France’s economic contraction has been amplified by the way the country measured the impact of the coronavirus lockdown on its vast public sector, according to economists and statisticians. The effect explains its underperformance compared with Germany and makes it likely to outperform in the third quarter.
The UK needs to a successor to its furlough scheme to protect jobs, according to CBI boss Carolyn Fairbairn, who warned that a large number of redundancies were expected this month as companies prepare for wage support to end in October. Dame Carolyn also cautioned against raising corporate taxes.
From virtual watch boutiques to trying out jewellery using augmented reality, ecommerce solutions deployed during lockdown are set to stay after the pandemic, the Financial Times’s latest Watches and Jewellery special report reveals. Auction houses broke their own records by switching to online bidding.
After becoming the first city to be subject to a local lockdown following a sharp rise in coronavirus cases, the city of Leicester was also the first to open schools last week. Gulbanu Kader, headteacher at Rushey Mead Academy, described the preparation for reopening as a “rollercoaster ride”.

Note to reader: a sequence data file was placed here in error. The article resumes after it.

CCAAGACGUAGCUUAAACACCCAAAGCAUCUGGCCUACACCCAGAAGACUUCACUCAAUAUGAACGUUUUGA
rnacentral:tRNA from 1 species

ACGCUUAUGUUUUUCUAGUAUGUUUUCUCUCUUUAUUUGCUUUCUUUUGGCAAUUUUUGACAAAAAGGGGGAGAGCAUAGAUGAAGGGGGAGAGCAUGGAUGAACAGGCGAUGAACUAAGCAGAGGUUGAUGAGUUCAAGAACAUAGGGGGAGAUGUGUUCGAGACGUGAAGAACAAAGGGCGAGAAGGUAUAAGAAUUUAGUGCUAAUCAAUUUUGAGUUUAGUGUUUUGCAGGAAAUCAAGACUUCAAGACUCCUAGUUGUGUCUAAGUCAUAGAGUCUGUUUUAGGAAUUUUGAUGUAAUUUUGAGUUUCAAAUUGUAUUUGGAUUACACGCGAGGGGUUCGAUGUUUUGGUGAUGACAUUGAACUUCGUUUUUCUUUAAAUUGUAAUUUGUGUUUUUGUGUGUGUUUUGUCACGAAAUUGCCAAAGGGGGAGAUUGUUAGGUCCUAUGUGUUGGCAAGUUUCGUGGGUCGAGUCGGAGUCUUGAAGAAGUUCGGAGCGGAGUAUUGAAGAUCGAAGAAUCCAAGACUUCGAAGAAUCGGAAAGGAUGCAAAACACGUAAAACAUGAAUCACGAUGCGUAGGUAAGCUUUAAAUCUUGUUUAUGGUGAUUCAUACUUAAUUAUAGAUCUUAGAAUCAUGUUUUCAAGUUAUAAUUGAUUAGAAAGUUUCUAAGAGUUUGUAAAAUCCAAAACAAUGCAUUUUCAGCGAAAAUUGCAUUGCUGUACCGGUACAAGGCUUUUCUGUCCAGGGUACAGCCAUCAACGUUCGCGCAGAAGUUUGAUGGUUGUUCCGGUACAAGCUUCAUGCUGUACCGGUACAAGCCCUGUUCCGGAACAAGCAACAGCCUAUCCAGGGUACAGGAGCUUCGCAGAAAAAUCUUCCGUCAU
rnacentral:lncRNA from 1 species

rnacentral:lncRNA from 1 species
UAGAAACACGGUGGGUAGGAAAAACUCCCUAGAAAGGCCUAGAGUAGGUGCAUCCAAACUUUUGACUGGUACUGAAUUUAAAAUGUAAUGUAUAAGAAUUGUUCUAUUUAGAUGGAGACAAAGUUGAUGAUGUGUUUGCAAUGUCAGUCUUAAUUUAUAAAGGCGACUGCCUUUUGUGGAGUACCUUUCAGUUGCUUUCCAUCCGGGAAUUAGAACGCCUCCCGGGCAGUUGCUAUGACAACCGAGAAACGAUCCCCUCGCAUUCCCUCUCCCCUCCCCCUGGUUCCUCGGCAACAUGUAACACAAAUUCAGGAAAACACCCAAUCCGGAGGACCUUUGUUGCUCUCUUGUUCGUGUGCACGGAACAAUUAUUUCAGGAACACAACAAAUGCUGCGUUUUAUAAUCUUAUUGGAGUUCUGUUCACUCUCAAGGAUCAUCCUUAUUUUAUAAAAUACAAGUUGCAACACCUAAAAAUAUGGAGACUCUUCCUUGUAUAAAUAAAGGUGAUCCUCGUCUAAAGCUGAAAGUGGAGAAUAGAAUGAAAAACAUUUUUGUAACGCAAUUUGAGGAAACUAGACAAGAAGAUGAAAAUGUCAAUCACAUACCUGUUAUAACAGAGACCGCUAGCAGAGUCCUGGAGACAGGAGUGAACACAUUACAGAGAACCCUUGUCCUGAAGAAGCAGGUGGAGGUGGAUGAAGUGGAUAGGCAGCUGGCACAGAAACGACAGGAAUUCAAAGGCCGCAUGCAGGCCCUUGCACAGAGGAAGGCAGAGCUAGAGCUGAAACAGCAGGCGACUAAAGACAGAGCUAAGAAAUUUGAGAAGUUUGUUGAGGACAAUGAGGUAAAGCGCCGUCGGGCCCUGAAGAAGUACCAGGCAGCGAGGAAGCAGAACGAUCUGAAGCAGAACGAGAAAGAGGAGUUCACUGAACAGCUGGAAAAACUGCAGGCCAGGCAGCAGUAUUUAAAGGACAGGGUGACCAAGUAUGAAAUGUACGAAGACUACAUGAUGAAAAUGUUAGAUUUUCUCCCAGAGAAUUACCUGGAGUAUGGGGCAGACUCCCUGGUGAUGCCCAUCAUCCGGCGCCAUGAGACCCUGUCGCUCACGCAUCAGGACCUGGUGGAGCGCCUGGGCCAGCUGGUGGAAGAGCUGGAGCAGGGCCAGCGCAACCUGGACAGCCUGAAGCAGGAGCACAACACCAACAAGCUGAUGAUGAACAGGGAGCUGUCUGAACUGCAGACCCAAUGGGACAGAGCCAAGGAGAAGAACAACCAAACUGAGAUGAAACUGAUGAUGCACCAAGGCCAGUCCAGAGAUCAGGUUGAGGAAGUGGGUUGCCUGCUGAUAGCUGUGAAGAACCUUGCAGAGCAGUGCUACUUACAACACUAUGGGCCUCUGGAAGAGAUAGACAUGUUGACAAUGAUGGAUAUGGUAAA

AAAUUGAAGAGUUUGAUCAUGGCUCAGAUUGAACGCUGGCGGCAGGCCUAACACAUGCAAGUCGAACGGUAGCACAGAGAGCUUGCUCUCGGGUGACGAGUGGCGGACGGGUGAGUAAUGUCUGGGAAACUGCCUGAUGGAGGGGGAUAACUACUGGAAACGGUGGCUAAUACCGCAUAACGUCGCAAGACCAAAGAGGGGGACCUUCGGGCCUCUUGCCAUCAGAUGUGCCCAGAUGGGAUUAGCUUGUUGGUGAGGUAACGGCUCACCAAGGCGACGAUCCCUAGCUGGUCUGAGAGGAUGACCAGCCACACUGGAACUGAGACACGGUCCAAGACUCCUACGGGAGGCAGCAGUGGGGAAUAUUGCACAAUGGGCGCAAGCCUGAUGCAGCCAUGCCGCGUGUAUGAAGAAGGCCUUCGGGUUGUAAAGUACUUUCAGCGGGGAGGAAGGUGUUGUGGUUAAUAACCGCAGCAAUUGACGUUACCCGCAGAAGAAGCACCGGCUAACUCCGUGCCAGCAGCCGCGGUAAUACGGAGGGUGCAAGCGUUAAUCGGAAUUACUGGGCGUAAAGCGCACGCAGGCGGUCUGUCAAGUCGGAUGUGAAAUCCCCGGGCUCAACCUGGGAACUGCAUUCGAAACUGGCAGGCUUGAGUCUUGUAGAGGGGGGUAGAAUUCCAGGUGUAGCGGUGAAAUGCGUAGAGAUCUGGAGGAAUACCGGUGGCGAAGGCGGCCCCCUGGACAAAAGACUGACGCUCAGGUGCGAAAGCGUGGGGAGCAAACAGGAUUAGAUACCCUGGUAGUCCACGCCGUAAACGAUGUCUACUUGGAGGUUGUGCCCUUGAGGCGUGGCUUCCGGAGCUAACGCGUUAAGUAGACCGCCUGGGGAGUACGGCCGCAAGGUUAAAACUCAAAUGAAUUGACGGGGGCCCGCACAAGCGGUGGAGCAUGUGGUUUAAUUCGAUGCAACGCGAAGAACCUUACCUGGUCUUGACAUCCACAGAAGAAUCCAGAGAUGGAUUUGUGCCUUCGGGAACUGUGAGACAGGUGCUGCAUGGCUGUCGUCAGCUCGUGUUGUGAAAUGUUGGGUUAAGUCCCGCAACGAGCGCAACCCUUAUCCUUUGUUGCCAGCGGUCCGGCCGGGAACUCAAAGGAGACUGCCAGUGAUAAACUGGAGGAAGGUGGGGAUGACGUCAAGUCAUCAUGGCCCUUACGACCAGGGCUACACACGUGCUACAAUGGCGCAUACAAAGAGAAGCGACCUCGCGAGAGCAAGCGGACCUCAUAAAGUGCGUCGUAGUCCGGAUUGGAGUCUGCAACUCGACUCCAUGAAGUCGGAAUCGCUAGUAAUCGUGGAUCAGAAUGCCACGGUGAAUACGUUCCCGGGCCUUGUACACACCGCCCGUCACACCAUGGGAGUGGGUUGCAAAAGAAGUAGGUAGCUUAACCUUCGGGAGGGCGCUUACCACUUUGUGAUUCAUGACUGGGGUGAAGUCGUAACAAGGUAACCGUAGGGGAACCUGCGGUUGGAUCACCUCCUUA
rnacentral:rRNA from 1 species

For the first time in its 120-year history, the Italian label Tod’s is being overseen by a single creative force but Walter Chiapponi has his work cut out. Even before the pandemic sent the luxury-goods industry into a tailspin, sales at Tod’s had seen four years of declines.
About a third of an H2O Asset Management fund was invested in illiquid bonds when the French regulator forced its suspension, more than three times higher than a regulatory limit. The illiquid assets held by the Natixis subsidiary became more problematic during March turmoil triggered by the pandemic.
Virgin Atlantic warned it was still fighting for survival as it announced plans to cut more than 1,000 jobs following the completion of its £1.2bn private sector rescue deal. Shai Weiss, its chief executive, told the Financial Times that the airline was “absolutely” still in a battle to secure its future.
Shares in CaixaBank and Bankia rose sharply on Friday after the two Spanish lenders confirmed they were in merger talks, a tie-up that would create the country’s largest domestic bank with assets of more than €650bn. The talks come as the pandemic exacerbates consolidation pressure on retail banks